When it was announced that Pittsburgh transfer guard John "Flipp" Johnson was going to continue his career at Penn State back in November 2012, I don't think Pat Chambers was expecting to receive as little return as he's gotten on the scholarship investment. Due to the NCAA's insanity, Johnson lost his sophomore year of eligibility by participating in one exhibition game before he decided Jamie Dixon's program was no longer the place for him. Since he willingly took part in this exhibition, he was not eligible to redshirt as he sat out the 2012-2013 season per the usual transfer rules. Penn State tried to appeal for a waiver to restore a year of Johnson's eligibility, but the NCAA denied the request.
So heading into the 2015 season, John Johnson is already a senior for Penn State, even though he has only played in 21 games as a Nittany Lion. His college career consists of being a true freshman backup on Pitt's worst team in the last decade, playing in one exhibition as a sophomore and what we got to witness last year for his junior campaign, once he became eligible after the fall semester. I don't think that's what the 2,314-point high school scorer envisioned for himself when he graduated in the 2011 high school class.
What should we expect from the soon-to-be 23-year-old Johnson in his final chance to make an impact at the college level? It's hard to say because Johnson simply hasn't played very much. He only has 304 points in his 1.5 year career and has logged less than 1,000 minutes.
Last season could be considered a disaster for Johnson. There was a reference made to Vinnie Johnson, the former Detroit Piston great, by his head coach when discussing his game, but he was anything but Vinnie Johnson for the Nittany Lions last season. The potential spark plug off the bench that could create instant offense for Penn State posted a horrendous 89.4 offensive rating (source: KenPom.com). He was a great source of forced shots, bad turnovers and never-ending frustration, putting the stamp on his season with a missed breakaway dunk in the Lions' 2-point loss to Siena in the CBI tournament.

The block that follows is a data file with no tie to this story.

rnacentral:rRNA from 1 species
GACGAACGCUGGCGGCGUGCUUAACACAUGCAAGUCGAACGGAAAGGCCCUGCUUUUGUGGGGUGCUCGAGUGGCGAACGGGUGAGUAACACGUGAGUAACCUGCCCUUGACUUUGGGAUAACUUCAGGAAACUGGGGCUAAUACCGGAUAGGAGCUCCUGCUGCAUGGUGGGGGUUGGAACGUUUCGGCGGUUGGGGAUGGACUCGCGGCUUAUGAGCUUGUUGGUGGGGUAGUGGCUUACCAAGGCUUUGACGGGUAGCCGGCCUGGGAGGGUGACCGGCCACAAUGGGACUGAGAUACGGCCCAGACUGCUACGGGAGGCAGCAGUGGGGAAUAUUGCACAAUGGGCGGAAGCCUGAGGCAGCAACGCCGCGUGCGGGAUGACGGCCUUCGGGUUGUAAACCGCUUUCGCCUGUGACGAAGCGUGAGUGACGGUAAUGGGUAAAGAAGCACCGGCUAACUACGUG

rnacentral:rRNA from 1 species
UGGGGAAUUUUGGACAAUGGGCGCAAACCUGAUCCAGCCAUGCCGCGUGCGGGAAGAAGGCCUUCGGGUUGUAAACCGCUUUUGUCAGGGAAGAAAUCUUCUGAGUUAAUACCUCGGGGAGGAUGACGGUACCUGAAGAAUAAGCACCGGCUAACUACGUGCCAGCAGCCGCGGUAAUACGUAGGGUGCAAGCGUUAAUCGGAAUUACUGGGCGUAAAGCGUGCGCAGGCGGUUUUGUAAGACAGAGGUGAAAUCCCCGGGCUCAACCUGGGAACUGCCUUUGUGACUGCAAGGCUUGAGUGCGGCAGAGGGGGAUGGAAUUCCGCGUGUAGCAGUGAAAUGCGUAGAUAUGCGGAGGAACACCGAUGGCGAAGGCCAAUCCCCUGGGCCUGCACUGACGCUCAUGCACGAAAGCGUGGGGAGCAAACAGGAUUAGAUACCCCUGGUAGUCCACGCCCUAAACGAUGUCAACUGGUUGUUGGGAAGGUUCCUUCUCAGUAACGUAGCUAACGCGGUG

However, there's no doubt becoming eligible halfway through the year was a hindrance on Johnson's development with the rest of his team. He lacked chemistry with most of his teammates, and he constantly forced the issue when the ball was in his hands. Many would describe Johnson's play last year as selfish, but it seemed obvious he knew his role was to simply score points, so he attempted plenty of maddening, erratic shots to do so. He was mostly ineffective.
It's hard to project exactly what Penn State is going to get from Johnson in 2015, but if he resembles anything to how he played last year, expect the coaching staff to move on quickly from this experiment. The Lions desperately need someone to emerge as D.J. Newbill's backcourt running mate this season, and Johnson's primary competitor for playing time has displayed a knack for tough defense (Geno Thorpe). If Flipp can't find his rhythm within the PSU offense, there won't be starter minutes for him.
Johnson's pedigree in high school suggests he can be a capable scorer, but he could really stand to improve his efficiency inside the arc. Johnson converted just 43.5% of his 2-point attempts last season, well below the D1 average of 48.5%. Not only is that a poor percentage, he was unsuccessful in getting to the foul line on those attempts. His 69 2-point shots [Ed. note - nice] yielded just 22 free throws attempted for a measly 16.3 free throw rate.
Of course, the Lions also desperately need some perimeter shooting from their backcourt, and that's seemingly where Johnson can help the most. But the streaky scorer is not your true spot-up shooter. It is not expected of him to camp out at the arc for catch-and-shoot opportunities, because that's not his game. He will likely hover around 35% from the perimeter as most streaky scorers often do (Talor Battle's career 3PT% = 34.1%).
Regardless, it's do-or-die this year for Flipp Johnson's college career. Let's just say I don't think Pat Chambers invested a scholarship for 1.5 years of erratic guard play. Here's to Flipp going out with a bang as vengeance for losing his sophomore year of eligibility to another absurd NCAA rule.